Motion to Restrain Assessment & Collection

The Court’s disposition of the first motion makes the second easy. If the Court can’t determine the amount of the penalty, it certainly can’t tell the IRS not to collect the penalty. This motion is likewise denied.

The Deficiency

Giorgio alleges that he was a mere “nominee” of the account, and that in fact, his brother Maurizio controlled the account. Thus, Giorgio shouldn’t be subject to tax on the interest and dividend income from the account.

Judge Halpern takes issue with the nominee argument. He notes that a nominee analysis doesn’t really fit here; that analysis is usually used to determine whether a transferor of property remains its beneficial owner. Here, the parties disagree on whether Maurizio used his own assets to fund account and then listed Giorgio as the nominee owner. This analysis would allow the Court to determine whether Maurizio had an income tax liability, but would only allow a negative implication as to Giorgio.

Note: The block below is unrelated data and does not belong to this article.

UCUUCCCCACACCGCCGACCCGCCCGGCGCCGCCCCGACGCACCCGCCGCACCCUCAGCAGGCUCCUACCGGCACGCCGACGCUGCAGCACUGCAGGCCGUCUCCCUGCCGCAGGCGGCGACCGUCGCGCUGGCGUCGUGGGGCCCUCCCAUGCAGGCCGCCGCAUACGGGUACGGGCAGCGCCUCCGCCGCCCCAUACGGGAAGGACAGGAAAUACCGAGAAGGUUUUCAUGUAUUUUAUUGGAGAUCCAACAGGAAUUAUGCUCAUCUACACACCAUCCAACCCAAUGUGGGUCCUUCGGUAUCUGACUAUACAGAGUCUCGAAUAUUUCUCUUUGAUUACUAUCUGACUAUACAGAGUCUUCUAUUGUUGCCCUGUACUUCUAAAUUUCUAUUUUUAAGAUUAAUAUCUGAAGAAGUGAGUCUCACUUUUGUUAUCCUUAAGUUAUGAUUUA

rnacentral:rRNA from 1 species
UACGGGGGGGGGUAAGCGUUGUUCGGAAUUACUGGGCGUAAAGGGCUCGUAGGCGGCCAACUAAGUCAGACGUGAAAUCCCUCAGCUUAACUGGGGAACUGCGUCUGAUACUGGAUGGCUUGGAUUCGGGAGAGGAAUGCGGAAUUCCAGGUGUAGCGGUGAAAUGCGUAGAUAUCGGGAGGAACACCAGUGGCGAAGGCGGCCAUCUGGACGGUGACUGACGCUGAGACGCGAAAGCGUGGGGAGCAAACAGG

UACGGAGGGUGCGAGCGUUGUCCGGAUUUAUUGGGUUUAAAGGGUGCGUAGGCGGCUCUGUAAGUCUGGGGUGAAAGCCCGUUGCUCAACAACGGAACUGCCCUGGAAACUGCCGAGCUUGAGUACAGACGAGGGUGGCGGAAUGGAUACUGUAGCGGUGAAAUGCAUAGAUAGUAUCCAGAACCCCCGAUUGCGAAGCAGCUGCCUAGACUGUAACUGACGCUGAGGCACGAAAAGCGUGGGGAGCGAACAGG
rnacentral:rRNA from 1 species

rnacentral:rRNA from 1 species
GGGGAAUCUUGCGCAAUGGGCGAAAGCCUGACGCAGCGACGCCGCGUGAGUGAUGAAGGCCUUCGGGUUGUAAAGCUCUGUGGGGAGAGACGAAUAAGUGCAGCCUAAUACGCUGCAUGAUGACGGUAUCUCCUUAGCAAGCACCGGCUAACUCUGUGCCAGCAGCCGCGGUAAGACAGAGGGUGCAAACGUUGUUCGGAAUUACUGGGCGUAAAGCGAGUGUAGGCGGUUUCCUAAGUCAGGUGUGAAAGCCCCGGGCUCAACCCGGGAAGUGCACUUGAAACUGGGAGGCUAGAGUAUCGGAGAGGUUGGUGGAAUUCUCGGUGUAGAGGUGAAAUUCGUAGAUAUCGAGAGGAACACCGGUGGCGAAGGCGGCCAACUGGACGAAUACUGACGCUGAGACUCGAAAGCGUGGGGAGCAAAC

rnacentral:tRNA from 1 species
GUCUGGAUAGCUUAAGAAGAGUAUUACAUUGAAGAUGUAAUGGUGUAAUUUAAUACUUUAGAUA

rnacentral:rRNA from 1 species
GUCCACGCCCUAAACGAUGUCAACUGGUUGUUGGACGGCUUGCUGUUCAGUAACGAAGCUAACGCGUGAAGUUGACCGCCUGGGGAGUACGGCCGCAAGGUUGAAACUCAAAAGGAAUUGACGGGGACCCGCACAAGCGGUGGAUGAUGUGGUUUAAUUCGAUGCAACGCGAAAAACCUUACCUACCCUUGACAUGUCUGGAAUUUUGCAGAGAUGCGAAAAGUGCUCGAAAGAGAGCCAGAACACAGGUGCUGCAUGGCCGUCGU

Instead, the Court focuses on whether Giorgio exercised sufficient dominion and control over the account. The Court asks whether Giorgio had freedom to use funds at his will. While Petitioner did submit affidavits from himself and Maurizio, there was no other evidence to show that Petitioner didn’t enjoy the typical rights of an account owner (i.e., the right to access funds in the account). So, it appears there’s still a genuine dispute of material fact regarding Giorgio’s ability to access these funds.  

Judge Halpern did, however, allow for the possibility that Giorgio didn’t have any knowledge of the account until after 2011. After all, one can’t withdraw funds from an account that remains secret from the nominal owner. Giorgio says that he didn’t have knowledge until September 2012.